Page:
Daily ESG Briefing: Investors pressure Nike, FedEx and Pepsi over links to NFL team Redskins

The latest developments in sustainable finance

Trillium Asset Management is leading a group of 88 investors, representing over $620bn in assets, that have signed letters to Nike, FedEx and Pepsi urging them to terminate their relationships with the National Football League’s Washington D.C. franchise if it does not stop using the name Redskins. The term was resolutely criticised in 2018 by the National Congress of American Indians, which stated: “The use of the R-word as the name and mascot of the Washington National Football League team is offensive and hurtful to American Indian and Alaska Native people and causes direct, harmful effects on the physical and mental health and academic achievement of the American Indian and Alaska Native populations”. Although the investor coalition acknowledges the proactive moves by the corporations towards racial justice, they argue the association with the team undermines them.

Climate change is now officially part of the Bank of England’s financial stability mandate. According to the New Economics Foundation, the Bank’s financial policy committee considerations now include climate, as well as other “non-financial risks” like cybersecurity and conduct.

Amundi has criticised German energy company RWE on its coal phase-out strategy, describing it as “at odds” with the goals of the Paris Agreement, according to reports from NGO Urgewald. Amundi is the seventh largest investor in RWE, which plans to keep its lignite coal plants running until 2038. “This criticism is part of a letter seen by Urgewald and its partner NGO Reclaim Finance that is addressed to RWE’s CEO Rolf Martin Schmitz and his designated successor and CFO Markus Krebber,” the campaign groups said in a statement, claiming the letter from Amundi also includes the following: “We want to express our surprise at RWE’s plans to maintain most of its lignite-fired electricity production in Germany until 2038”. It reportedly requests that RWE provides a transition plan "fully compliant with the recommendations of climate science".

The Network for Greening the Financial System (NGFS) has published a set of climate scenarios for forward looking climate risks assessment, alongside a user guide and an inquiry into the potential impact of climate change on monetary policy. The aim is to foster the integration of climate-related risk into their network’s work. The NGFS, currently composed of 66 Central Banks, will develop its scenarios to be more comprehensive, as well as soliciting feedback. Its next step is to look at the implications of climate on monetary policy operations.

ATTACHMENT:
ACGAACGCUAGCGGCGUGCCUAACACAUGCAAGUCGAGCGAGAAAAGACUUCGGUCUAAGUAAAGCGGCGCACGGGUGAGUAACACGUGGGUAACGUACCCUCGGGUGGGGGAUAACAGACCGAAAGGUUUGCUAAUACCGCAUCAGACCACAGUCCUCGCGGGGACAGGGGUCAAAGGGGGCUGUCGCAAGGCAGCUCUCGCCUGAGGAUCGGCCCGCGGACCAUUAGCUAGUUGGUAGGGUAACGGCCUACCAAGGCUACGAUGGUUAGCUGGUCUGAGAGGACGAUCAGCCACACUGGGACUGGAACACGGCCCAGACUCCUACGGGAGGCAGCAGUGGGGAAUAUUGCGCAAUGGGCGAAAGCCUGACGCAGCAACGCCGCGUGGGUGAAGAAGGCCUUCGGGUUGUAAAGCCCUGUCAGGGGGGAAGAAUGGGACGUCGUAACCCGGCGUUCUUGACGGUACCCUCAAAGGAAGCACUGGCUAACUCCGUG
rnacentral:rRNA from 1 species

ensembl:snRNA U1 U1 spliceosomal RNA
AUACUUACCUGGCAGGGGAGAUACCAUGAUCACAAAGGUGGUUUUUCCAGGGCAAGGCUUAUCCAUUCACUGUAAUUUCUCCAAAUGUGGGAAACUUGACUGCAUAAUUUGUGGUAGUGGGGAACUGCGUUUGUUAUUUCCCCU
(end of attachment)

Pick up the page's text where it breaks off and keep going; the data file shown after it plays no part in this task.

Banque De France’s new Responsible Investment report shows positive outcomes across its five-point strategy, first implemented in 2019. The bank excluded 5% of issuers from its investable universe due to climate performance and contributed more than €500m to green bonds and funds. On the latter, it had an initial target of €900m, but has now upped that €1.7bn.

Investors have backed a call by NGO ShareAction for UK-based supermarket Tesco to disclose the proportion of its sales made up of healthy food and drink products, and to set ambitious targets to increase those revenues over time. Pension fund Nest, and EQ Investors, are among those supporting the call, which is part of ShareAction’s Healthy Markets campaign. A review of UK supermarkets’ plans to improve the nation’s diets earlier this year showed significant gaps in their public commitments and actions to help people eat balanced diets and tackle childhood obesity. Tesco came third, with information being found on only 30% of indicators across topics such as product formulation, responsible marketing, affordability, clear labelling and corporate governance. Already other major UK supermarkets have made the commitment, including Sainsbury’s and M&S.